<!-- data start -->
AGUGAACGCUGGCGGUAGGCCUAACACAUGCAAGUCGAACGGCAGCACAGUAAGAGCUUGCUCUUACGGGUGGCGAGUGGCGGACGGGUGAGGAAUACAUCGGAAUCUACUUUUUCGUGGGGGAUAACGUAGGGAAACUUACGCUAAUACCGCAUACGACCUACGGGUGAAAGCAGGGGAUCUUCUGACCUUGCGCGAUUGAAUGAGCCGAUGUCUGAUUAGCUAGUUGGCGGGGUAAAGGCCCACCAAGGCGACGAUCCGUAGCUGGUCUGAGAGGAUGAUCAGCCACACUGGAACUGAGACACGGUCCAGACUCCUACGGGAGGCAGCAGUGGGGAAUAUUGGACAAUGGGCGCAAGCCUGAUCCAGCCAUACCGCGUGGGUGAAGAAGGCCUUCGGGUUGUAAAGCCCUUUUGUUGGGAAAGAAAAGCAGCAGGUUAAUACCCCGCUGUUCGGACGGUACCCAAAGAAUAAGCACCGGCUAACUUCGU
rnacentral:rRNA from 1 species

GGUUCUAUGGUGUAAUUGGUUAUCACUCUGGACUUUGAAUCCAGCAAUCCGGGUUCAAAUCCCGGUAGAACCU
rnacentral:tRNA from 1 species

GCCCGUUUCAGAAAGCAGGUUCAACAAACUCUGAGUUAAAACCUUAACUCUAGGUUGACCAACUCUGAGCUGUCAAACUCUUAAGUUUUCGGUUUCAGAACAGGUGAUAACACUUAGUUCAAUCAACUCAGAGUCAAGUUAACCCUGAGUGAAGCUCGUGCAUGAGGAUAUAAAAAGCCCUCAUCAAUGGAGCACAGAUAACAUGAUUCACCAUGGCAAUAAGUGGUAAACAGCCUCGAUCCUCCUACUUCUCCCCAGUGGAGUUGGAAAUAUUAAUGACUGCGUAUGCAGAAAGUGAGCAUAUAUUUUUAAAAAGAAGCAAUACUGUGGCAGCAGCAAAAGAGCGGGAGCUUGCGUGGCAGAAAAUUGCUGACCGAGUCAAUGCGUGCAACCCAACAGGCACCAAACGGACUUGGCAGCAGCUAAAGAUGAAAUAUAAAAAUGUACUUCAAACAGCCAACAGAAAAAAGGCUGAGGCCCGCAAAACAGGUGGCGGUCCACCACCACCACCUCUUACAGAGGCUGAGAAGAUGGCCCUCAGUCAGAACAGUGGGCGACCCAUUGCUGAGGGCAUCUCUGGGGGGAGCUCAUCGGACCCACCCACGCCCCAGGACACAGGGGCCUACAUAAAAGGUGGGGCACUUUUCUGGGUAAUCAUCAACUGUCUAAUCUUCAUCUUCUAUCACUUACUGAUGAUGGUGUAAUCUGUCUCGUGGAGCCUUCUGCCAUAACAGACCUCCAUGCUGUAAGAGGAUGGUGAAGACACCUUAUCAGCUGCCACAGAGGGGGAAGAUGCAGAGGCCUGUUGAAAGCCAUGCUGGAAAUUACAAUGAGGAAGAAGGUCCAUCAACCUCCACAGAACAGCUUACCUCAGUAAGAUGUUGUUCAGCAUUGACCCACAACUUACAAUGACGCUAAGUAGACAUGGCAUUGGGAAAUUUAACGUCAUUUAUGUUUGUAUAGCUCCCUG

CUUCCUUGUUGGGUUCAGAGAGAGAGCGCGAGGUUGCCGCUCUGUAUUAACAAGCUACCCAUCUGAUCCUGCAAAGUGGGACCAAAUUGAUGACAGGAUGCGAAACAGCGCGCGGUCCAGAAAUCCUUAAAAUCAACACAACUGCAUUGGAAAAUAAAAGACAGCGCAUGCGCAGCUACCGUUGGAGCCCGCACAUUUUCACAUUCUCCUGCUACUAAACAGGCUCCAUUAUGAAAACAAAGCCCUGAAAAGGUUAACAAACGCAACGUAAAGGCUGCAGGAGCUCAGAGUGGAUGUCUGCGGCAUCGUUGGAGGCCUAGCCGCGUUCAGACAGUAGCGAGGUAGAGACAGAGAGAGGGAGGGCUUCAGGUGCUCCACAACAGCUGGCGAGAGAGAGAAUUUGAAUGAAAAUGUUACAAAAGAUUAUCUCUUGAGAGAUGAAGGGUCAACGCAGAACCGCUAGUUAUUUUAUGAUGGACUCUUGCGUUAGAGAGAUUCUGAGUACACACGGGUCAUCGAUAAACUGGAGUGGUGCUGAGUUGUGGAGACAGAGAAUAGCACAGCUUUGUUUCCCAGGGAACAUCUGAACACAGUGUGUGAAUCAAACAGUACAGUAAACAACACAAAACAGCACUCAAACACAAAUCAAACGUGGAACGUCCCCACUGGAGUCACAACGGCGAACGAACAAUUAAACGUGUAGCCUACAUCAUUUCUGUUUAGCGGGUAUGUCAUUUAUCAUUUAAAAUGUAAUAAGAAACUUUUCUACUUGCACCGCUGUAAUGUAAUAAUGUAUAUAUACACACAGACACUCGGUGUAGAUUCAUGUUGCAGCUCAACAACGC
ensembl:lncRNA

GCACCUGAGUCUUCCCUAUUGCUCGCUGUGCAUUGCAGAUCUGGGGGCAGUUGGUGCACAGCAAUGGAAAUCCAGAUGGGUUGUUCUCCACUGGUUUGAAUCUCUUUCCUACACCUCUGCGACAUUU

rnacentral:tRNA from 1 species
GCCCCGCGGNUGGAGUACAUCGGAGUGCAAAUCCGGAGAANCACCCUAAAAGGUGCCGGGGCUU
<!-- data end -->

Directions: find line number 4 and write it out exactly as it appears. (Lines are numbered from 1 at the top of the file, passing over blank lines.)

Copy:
rnacentral:tRNA from 1 species